Of course, the moral majority didn’t invent any of these things either. They were a reactionary movement, born from watching the excesses of the ’60s and ’70s. Progressive culture imploded as Nixon took office. If you think things are bad now, we had daily domestic terrorist bombings throughout the late ’60s into the ’70s. If that were happening now, the moral panic we’re witnessing would move to another level.
But even the hippies and protestors of the mid-20th century didn’t happen in a vacuum. They were responding to the post-war world of the 1950s. And nothing in the war period occurred in a vacuum, either. The farther you march back, the more you find causes and inflection points. I think it was Isaiah Berlin, who said that most political commentators started the modern world with WWII. The smarter commentators started with WWI. The historians go back to the American and French Revolutions to describe the contemporary world.
And that’s probably accurate because while both the American and French Revolutions had their causes, the chain of events set off reset all of history. After that, you’d have to go to the Russian Revolution to find something similar.
These protests and the debates we’re having over monuments are like the coronavirus tests. They’re a signal that we’ve failed to deal with some problems in our past. Every time we have one of these national conversations on race, we end up doing the same thing. We talk about monuments. We never both fixing the real issues that people, especially blacks, point to as the real problem.
We’re going to end up back at this same kind of moment. And it’s going to happen because we’ve done little to address police brutality or accountability issues. The irony is that we did things correctly; we could solve the problem and hire more police officers to drop crime levels even lower than the post-90s numbers.
In that sense, our profoundly unserious manner in attacking the virus reflects the same of our decisions on a myriad of issues. It demonstrates our healthcare debates, our racial relations debates, and the national debt. If you can’t get people lined up to wear a mask, how can you expect the crooked timber that is America fix these other problems?
Leadership and politicians come from that same crooked timber. For the most part, they reflect the same tendencies of the public. The best leaders don’t do that; they encourage people to become a straight piece of lumber, capable of building something grand. But that’s not where we are right now.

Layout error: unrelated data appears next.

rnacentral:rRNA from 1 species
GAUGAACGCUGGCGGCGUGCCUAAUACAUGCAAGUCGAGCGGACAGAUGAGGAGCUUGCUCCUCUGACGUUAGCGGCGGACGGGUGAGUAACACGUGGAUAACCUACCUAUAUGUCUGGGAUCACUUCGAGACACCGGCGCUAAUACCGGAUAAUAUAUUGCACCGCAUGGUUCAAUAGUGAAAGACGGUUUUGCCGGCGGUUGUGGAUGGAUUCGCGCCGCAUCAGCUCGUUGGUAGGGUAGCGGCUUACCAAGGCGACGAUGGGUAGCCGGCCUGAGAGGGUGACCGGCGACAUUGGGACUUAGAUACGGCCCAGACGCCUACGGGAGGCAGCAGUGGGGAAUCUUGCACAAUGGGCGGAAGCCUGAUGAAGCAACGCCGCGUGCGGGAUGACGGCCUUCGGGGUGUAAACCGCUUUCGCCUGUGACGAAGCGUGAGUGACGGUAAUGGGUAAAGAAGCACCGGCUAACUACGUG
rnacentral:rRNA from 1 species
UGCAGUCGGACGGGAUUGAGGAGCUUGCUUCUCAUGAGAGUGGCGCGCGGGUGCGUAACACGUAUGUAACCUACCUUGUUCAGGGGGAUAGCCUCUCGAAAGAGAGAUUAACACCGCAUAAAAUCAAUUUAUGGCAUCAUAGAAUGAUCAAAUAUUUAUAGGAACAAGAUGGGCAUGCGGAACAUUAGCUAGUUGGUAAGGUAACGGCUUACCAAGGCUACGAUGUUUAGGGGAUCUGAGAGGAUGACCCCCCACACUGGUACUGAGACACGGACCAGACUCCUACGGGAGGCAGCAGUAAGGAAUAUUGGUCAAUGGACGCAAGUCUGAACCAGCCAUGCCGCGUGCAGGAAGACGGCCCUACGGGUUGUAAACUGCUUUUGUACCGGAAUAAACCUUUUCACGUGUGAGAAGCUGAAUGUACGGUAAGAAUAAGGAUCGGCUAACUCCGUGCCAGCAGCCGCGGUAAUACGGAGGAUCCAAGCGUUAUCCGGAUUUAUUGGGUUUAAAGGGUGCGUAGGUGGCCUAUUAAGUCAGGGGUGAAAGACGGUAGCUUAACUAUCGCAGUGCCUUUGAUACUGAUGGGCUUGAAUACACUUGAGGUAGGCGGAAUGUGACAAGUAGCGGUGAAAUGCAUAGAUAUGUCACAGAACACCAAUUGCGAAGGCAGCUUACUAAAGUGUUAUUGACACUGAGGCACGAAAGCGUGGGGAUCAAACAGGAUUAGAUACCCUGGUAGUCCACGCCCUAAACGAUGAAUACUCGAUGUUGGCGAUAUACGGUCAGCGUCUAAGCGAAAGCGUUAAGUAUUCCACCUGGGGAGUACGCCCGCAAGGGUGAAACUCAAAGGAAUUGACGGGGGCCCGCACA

Kant had another applicable quote:
Experience without theory is blind, but theory without experience is mere intellectual play.
I’ll leave it up to the reader to decide which one we are right now.
Links of the week
Record-Setting Gun Sales Could Leave Stores Dry: Florida retailer: ‘Everything was literally sold out’ – Stephen Gutowski, Washington Free Beacon
I’m a Black American. I Need a Gun to Feel Safe in This Country. Some Black Americans never considered buying a gun. Until now. – Chloe Brown, Tarikh Brown, Nylah Burton, Anubis Heru, Lawrence Taylor, and Kat Traylor, The New York Times
Good Luck Promoting Gun Confiscation during an Era of Booming Gun Sales – Jim Geraghty, National Review
Leave Lincoln Out of It: The Lincoln Project partakes of the spirit of a famous Republican president—but he’s not its namesake. – Andrew Ferguson, The Atlantic
AOC Touts Support from Anti-Semitic Groups for Israel Letter: BDS leaders endorse anti-Israel letter from the ‘Squad’ – Adam Kredo, Washington Free Beacon
Kneeling in the Church of Social Justice: America certainly has work to do on race, but ritual and symbolic acts aren’t the way forward. – John McWhorter, Reason Magazine
Teenage bloodbath: the 2010s in review – Sam Kriss
Massachusetts city recognizes polyamorous ‘civil partnerships’ – Christine Rousselle, Catholic News Agency
What Happens to Fashion When Exclusivity Stops Being Chic? In the fashion industry, elitism is supposed to be a feature not a bug. But, darling, elitism is so last season. – Phoebe Maltz Bovy, Arc Digital
Twitter Thread(s) of the week
Satire of the week
Tourists Flock From Around Country To View Ancient Ruins Of CHAZ – The Babylon Bee
Thanks for reading!